Ulcerating tumours are also known as fungating wounds, malignant wounds or ulcerating wounds.
The term fungating comes from the way the wounds grow, in the shape of a fungus or cauliflower.
The wounds start when a tumour growing under the skin breaks through the skin’s surface. They can also develop from skin cancers such as melanoma.
Ulcerating tumours are quite rare in people with cancer. When they do develop, they are most likely in breast, head and neck cancers.
Up to 6 out of 10 (60%) ulcerating tumours develop in the breast area and 2 to 3 out of 10 (20 to 30%) in the head and neck region. The rest occur in other places such as the groin and genital area, and in people with melanoma and bowel cancer.
How ulcerating tumours develop
An ulcerating tumour can develop in two ways. It may develop as part of a:
- primary tumour
- secondary tumour
A primary tumour means a tumour where the cancer started.
An ulcerating tumour can develop in a cancer that hasn't been treated. Sometimes people are so frightened about what a doctor will tell them that they don't go to the doctor even when they have symptoms of cancer (for example, a lump in their breast).
A cancer that’s left untreated for many months or years can grow upwards and into the skin. It can then break through the skin and cause an open sore (or ulcer) on the skin surface.
A secondary tumour is a tumour that has spread from a primary site to other parts of the body.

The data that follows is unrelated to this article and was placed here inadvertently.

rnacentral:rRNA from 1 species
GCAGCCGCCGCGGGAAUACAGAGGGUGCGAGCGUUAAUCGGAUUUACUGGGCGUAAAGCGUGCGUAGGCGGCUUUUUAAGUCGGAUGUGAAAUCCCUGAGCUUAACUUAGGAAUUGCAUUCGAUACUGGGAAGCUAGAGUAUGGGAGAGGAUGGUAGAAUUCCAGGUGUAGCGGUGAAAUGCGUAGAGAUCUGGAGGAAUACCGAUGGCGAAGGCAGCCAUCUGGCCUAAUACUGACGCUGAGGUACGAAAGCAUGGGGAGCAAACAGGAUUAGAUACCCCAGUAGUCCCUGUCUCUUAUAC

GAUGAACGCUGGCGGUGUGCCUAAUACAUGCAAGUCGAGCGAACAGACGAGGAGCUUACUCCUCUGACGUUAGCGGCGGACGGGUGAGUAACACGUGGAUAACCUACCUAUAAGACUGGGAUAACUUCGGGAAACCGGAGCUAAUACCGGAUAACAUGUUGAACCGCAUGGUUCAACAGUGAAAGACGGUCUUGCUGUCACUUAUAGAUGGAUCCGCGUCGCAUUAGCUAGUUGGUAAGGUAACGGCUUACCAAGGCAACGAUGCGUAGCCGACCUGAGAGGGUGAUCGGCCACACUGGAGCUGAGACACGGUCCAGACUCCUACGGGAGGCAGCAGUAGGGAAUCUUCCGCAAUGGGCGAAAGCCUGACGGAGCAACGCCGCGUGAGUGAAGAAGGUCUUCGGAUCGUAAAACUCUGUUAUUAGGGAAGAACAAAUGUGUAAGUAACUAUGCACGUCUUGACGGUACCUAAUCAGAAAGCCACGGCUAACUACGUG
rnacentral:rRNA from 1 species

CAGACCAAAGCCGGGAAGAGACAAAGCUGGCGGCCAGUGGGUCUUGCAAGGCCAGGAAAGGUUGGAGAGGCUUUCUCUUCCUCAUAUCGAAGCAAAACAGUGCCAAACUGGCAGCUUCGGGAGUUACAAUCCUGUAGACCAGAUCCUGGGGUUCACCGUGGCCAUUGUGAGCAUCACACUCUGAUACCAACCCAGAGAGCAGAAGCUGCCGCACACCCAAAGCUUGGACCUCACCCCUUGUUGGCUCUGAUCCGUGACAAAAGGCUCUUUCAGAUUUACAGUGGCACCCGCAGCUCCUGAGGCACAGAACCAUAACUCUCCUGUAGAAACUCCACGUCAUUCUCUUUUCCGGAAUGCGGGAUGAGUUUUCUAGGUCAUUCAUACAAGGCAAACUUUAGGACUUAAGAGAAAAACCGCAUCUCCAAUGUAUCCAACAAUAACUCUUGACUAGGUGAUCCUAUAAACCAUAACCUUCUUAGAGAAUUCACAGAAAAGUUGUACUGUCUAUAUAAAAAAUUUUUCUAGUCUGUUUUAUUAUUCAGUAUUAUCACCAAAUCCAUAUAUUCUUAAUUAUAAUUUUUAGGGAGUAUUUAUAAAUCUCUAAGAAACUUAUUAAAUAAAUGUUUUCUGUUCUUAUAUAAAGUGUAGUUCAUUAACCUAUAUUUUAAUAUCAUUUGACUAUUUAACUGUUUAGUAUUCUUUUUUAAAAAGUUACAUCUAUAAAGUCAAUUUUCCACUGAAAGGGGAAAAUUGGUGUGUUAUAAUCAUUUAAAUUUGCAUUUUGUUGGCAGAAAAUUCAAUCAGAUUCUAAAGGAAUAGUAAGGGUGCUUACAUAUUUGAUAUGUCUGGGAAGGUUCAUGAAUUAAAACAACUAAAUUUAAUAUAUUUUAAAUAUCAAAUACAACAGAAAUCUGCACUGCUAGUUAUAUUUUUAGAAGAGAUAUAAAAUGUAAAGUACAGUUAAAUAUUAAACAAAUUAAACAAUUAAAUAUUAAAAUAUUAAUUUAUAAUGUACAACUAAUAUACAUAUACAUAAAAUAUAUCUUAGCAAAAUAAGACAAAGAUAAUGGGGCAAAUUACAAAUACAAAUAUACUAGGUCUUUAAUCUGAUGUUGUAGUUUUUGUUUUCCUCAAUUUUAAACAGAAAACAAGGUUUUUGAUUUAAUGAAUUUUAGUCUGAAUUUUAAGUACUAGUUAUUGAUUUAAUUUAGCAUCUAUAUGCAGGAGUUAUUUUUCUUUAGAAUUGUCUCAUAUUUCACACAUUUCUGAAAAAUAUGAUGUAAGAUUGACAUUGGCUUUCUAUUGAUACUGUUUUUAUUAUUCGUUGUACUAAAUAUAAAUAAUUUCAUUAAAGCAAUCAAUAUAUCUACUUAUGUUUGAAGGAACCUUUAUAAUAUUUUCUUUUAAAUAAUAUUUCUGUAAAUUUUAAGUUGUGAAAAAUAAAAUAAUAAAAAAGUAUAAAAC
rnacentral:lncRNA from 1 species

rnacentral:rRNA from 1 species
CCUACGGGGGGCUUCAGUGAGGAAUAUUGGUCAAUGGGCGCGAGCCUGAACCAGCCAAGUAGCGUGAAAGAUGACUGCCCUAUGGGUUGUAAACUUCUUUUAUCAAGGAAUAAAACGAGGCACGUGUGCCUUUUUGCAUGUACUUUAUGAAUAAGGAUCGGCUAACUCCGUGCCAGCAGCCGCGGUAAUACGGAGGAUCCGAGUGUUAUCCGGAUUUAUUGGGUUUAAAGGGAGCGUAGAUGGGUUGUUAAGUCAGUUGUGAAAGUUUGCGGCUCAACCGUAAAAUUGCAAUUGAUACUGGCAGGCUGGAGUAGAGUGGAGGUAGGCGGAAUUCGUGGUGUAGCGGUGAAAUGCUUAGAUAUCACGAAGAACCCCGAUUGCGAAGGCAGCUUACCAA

A tumour that spreads to the blood and lymphatic system can travel to the skin and develop into an ulcerating tumour.
This is very rare. It’s more likely to happen in the advanced stages of cancer (a cancer that has spread).
The important thing is to always attend follow up appointments after your treatment has finished. Then your doctor can check you over and pick up any early signs of problems.
Effects of ulcerating tumours
For some people, an ulcerating tumour is the most upsetting aspect of their cancer.
How the wound affects you will depend on where it is on your body. It can greatly affect how you feel about yourself if it’s very visible to other people – for example, on your face.
A wound near a joint or armpit can affect how you move. And wounds on or near the genitals or breasts might make you feel embarrassed, especially when a doctor or nurse is examining or treating you.
Unfortunately, these wounds can also smell unpleasant, which can be very distressing.
A few people find having an ulcerating tumour so distressing that they refuse to accept it's there. They feel the best way to deal with it is to ignore it. Sometimes people leave their wound so long that by the time they do see a doctor, little can be done to control it.
But it’s possible to manage the symptoms of these wounds so that they are easier to live with.
Having an ulcerating tumour might have a big impact on how you feel about yourself and being with other people.
Your outward appearance can play a big part in how you feel about social situations. You might be worried and embarrassed about other people seeing or smelling your wound. This could stop you wanting to go out or see people.
It can help you feel better about yourself, and about mixing with other people, if you have surgical dressing you feel comfortable with and clothing or headgear that covers up your wound.
Some types of cancer treatment can help to shrink ulcerating tumours but they can be very hard to get rid of completely. So the aim of treatment is to control the symptoms.